5 Ways to Foster Positive Conflict Resolution at Home

We all have opportunities to practice conflict resolution and our best start...is at home!

Conflict resolution is such a broad topic and between you and me, sometimes the topics can be a little….dry! However, the truth about how we all handle conflict, is that it starts small. The little moments of how we speak to each other, how we deal with being frustrated or angry, how we approach conversations that are difficult, how we teach our kids to resolve conflict with their friends or at school all combine to create our personal and family culture with conflict.  Within the busyness of everyday life, it is easy to lose sight of what our children are learning from us. 

Here are some places to start when being conscious of fostering positive conflict resolution at home:


Spend some time taking an emotional/mental inventory of how your family handles conflict and disagreements.   If there was a video camera set up in your home that you were reviewing, what kind of conflict would you see on an average day? What would you hear?  How would you see yourself interacting with your partner in times of disagreement?  What about with your kids?  This isn’t always an easy exercise and sometimes it shows us things that we aren’t happy about.  If that’s the case, be open with yourself about what you’re feeling.  


Consider your conflict style and that of those in your home and family.  The Thomas-Kilmann Conflict Mode Instrument (TKI) has been around for decades and is used by everyone from Human Resource professionals to mediators to measure an individual’s behavior in conflict.  Without going into exhaustive detail, the five conflict styles are: Avoiding, Accommodating, Compromising, Collaborating, Competing and describe different approaches an individual takes to conflict based on varying degrees of assertiveness and cooperativeness.  More in-depth details, including how you can access the assessment to understand more about your own conflict style can be read here: https://www.kilmanndiagnostics.com/overview-thomas-kilmann-conflict-mode-instrument-tki

If you are unfamiliar with your own style, think about the types of conflict you find yourself in.   How does conflict make you feel?   Do you find you end up coming to  resolution that meets your needs? What about the needs of the other person?  Do you find you end up understanding the other side’s issues in conflict?   



Remember, we are teaching our children by them watching what we are doing. Refresh yourself with the idea that you can and need to be in control of the content, intensity, duration of conflict and how it is handled. That goes for all of us. In reality, we know we cannot control when conflict arises or what it will be about, but we can control how it is handled and what our children are exposed to.  Not all conflict needs to be hidden away from the ears and eyes of children, however we need to be focused about what we want them to hear, see and experience and how much stress it may cause them.  Children witnessing conflict about an issue that is being peacefully handled can teach them immense amounts about how they too can handle it.  If you parent with a partner, this is a great conversation to have together.  Decide what your ‘cut-off point’ is for a conversation that is becoming stressful, when it’s time to take a break and how you will communicate that to each other.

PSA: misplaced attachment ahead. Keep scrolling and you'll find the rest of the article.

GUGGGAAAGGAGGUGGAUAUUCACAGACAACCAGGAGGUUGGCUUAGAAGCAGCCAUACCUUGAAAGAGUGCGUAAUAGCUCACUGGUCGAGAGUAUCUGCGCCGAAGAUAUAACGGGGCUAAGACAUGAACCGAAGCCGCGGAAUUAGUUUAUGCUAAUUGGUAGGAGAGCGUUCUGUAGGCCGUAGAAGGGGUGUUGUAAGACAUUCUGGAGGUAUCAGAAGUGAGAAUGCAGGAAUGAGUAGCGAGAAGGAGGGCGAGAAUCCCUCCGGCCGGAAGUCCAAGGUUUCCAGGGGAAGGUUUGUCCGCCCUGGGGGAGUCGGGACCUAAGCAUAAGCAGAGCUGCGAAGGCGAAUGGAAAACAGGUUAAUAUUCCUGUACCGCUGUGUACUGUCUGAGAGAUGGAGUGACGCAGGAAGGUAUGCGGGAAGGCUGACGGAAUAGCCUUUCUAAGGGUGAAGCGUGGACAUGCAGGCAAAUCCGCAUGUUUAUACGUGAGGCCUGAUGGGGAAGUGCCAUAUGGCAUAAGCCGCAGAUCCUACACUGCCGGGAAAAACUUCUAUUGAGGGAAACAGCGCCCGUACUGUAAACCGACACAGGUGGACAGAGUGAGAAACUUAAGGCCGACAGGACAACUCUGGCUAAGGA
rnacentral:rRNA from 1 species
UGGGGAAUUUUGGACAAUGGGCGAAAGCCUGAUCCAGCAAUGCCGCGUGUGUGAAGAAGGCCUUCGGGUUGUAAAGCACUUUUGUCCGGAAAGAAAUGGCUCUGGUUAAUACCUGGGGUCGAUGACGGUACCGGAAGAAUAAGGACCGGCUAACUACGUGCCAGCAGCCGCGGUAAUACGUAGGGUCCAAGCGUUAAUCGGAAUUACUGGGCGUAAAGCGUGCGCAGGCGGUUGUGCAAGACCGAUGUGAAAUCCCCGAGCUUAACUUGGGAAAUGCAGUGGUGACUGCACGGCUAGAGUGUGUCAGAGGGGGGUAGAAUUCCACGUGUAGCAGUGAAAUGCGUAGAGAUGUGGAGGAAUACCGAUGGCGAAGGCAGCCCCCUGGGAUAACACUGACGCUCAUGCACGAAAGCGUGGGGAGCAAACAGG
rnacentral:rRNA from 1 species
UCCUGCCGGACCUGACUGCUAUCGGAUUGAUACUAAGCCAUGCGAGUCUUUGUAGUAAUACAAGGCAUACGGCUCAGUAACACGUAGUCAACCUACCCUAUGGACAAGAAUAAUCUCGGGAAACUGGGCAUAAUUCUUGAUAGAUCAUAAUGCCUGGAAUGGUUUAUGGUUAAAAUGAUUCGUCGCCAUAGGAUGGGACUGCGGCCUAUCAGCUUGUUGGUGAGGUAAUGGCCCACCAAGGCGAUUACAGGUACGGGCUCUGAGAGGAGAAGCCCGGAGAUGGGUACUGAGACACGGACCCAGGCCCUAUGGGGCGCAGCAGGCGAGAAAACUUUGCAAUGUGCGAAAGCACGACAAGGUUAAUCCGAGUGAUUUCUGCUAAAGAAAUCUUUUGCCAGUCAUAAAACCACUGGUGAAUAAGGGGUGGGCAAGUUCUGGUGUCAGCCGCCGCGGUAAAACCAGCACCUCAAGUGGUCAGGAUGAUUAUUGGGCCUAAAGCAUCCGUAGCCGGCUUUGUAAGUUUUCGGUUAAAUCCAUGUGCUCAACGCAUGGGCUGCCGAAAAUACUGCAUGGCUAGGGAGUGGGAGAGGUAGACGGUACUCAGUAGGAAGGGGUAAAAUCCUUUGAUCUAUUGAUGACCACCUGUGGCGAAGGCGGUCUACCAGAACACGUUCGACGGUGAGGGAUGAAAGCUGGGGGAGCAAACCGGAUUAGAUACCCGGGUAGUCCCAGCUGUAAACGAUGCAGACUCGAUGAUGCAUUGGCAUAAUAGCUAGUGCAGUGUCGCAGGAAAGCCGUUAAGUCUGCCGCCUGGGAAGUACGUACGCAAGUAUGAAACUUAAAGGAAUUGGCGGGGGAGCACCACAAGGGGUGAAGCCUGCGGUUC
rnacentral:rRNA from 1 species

Set a tone in your family that allows room for all emotions to be felt and experienced through discussion. This includes anger, frustration, disappointment, and sadness. Do a quick inventory of how this is going for you in your home….pay attention to whether you are saying things like, “Don’t be angry,” or “You shouldn’t be sad about that.”  Adopting a family culture where all emotions are totally acceptable can decrease stress, confusion and conflict and increase peace and emotional intelligence. With that in mind,  we can teach our children that while all emotions are acceptable, how we respond to our feelings is our responsibility.  This leaves room for how we handle our emotions a point of discussion and learning process.  


Use breaks and time-outs in a positive way! We all have likely experienced reaching a point in conflict when we need to take a break and calm down. Unfortunately, sometimes this comes in the form of yelling, slamming doors and things that sound like, “I’m DONE!” or  “Go to your room!”  When used in a different way, breaks and time outs can be a powerful tool that can help to transform conflict into peace for families. 

Try talking about using breaks as a family.  When one family member is angry, frustrated or confused, the situation can feel overwhelming and physiologically, it can be hard for our minds and bodies to think clearly and make choices that are rooted in calmness and clarity.  When we give ourselves and our families the space to step back, take deep breaths, calm down and think about the situation, we open up a space for better conversation and resolution.  Try taking 10-15 minutes, longer if you need to, to go to a quiet space (if possible), take some deep breaths and think about what is happening and how you’re feeling.  Make it clear about what you’re doing by saying, “I need to take a break talking about this.  Let’s try this again in a  few minutes.”  This is a great strategy to teach children as a way of empowering them in communication. 

There are countless ways to help your family build their competence and confidence in handling conflict. By introducing even one of the above ideas at a time, we can start to set the tone for being conscious of what we are doing in conflict and what type of conflict culture we want to have in our homes.

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